I Hate You. I Hate Him. I Hate Her. I Hate That Guy. I Hate The Neighbours. I Hate the People across the street. I Hate…
Oops! I let out the Kaala Bandar and look what it did! One lesson from coming back from the screening of Delhi 6 would be to learn to leash the inherent kaala bandar or the monkey of hatred that is said to be deep-rooted within each one of us. But I shouldn’t be starting at that point; let me shackle-in the monkey and I’ll brb with my thoughts about the movie…
Delhi 6 is the third movie from Rakeysh Omprakash Mehra (who kinda started off on the wrong foot with Aks but redeemed himself and sorta liberated the free-spirited Indian audience with Rang De Basanti) which tells the tale of happenings in the cultural milieu of the Chandni Chowk area of Delhi having the post code 6, hence the title. ABCD Roshan (Abhishek Bachchan) comes to Delhi with his ailing grandmother (Waheeda Rehman) who wants to spend the rest of her life in her Delhi home. Her Son and Daughter-in-law are left back in US but the neighbours and locality people are more than just that, they’re ‘family’ too and welcome her back with open arms and warm hearts. Roshan initially struggles to ‘fit’ into this socially and culturally interwoven environment but warms up to the happenings around him in due course of time. Things start to go awry, partly as a result of Roshan’s open-mindedness and partly due to a certain so-called alien ‘creature’ labelled monkey-man. How it ends, I’ll leave it to the reader’s imagination (which, in hindsight, Rakeysh also should have done!)
The movie has an ‘ensemble’ cast of characters which is greater in numbers than, say, the cast of Mind Your Language (the sitcom)! These characters certainly bring out the crowded and close-knit Delhi-ish society but they take their own sweet time to develop and some are not even necessary to the narrative. I’ve no complaints at the casting though; to paraphrase a fellow-member at FreeHyd: “When did we last see Rishi Kapoor, Waheeda Rehman, Om Puri, Atul Kulkarni, Deepak Dobriyal, Pavan Malhotra, Vijay Raaz & Divya Dutta sharing space in the same movie?”. The narrative has its fair share of flaws – the sheer verbosity of it, for one. There are oh-so-many tiny and large sub-plots woven into the movie that one feels quite inundated at times. Children enjoying a secret smoke, lecherous affairs of a young girl married to an older guy, brothers at odds with each other, their unwed sister, wannabe Indian Idols, pregnant cows, the tulsi in the courtyard, named pigeons…the movie has got it all! Some of them are subtly clouded and may take some thought to decipher but others are plain waste of film, it seems.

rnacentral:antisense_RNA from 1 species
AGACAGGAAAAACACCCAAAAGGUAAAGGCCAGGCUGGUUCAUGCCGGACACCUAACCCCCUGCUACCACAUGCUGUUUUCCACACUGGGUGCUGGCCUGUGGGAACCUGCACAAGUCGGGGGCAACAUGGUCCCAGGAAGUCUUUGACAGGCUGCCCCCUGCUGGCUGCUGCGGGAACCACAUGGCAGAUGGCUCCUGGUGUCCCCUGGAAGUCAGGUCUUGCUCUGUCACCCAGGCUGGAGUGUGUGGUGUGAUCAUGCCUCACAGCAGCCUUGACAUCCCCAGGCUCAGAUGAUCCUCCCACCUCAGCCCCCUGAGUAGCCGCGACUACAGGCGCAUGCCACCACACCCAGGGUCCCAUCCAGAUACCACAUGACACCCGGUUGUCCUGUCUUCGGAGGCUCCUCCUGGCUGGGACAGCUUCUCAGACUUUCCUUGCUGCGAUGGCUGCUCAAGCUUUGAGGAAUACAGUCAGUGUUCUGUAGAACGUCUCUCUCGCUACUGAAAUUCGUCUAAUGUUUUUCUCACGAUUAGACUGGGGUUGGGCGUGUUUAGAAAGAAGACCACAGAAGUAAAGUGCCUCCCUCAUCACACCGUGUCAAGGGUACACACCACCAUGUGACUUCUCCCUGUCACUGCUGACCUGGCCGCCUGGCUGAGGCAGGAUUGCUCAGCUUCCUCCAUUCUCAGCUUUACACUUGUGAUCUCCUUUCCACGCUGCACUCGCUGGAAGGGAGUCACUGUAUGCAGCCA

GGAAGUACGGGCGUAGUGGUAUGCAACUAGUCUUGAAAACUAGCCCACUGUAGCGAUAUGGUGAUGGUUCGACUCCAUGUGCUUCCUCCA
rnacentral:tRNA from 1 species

The movie’s music is certainly a high-point but I wonder why the makers haven’t used the entire songs? Except Masakali and Dil gira dafatan, no other song is presented in its entirety. I also feel that the background score was delayed/incomplete and had to be replaced by a repetition of some of the songs. Cinematography and Production Design are two more areas of excellence. Binod Pradhan’s camerawork and Sandeep Chanda’s design deserve applause. Abhishek Bachchan is subtle throughout but overdoes the foreign-accent. Sonam Kapoor is good but could have been more firebrand-ish which would have lent her character more edge. Om Puri, Rishi Kapoor and Pavan Malhotra, all fine actors, are decent enough to pass muster. Of the rest of the cast, Vijay Raaz is commendable. And I don’t know why some reviews have been raving about the performance of Aditi Rao (as the unwed Rama Bua)? I didn’t find her performance path-breaking or anything! The director deserves some brownie points for the first half of the movie but I’m gonna take them all away for the climax! I don’t know whether UTV has to do with the way the movie ended but it wasn’t convincing. Reams of webspace have been devoted to the climax’s fall-on-its-face so I won’t do it again, except mention that I hated it!
Overall, Delhi 6 is a watchable movie with some great songs, equally great picturisation and some commendable performances by everyone involved. It doesn’t come close to make one feel-good about Delhi the way that Dibakar Banerjee’s movies have but its contemporariness does make you think. IMHO, its moral should have been “One can take the Indian out of India but can’t take the India out of an Indian” instead of the “Suppress, better annihilate, the black monkey within yourselves”
P.S: Read a much more detailed and well-written review by R Baradwaj at DesiPundit.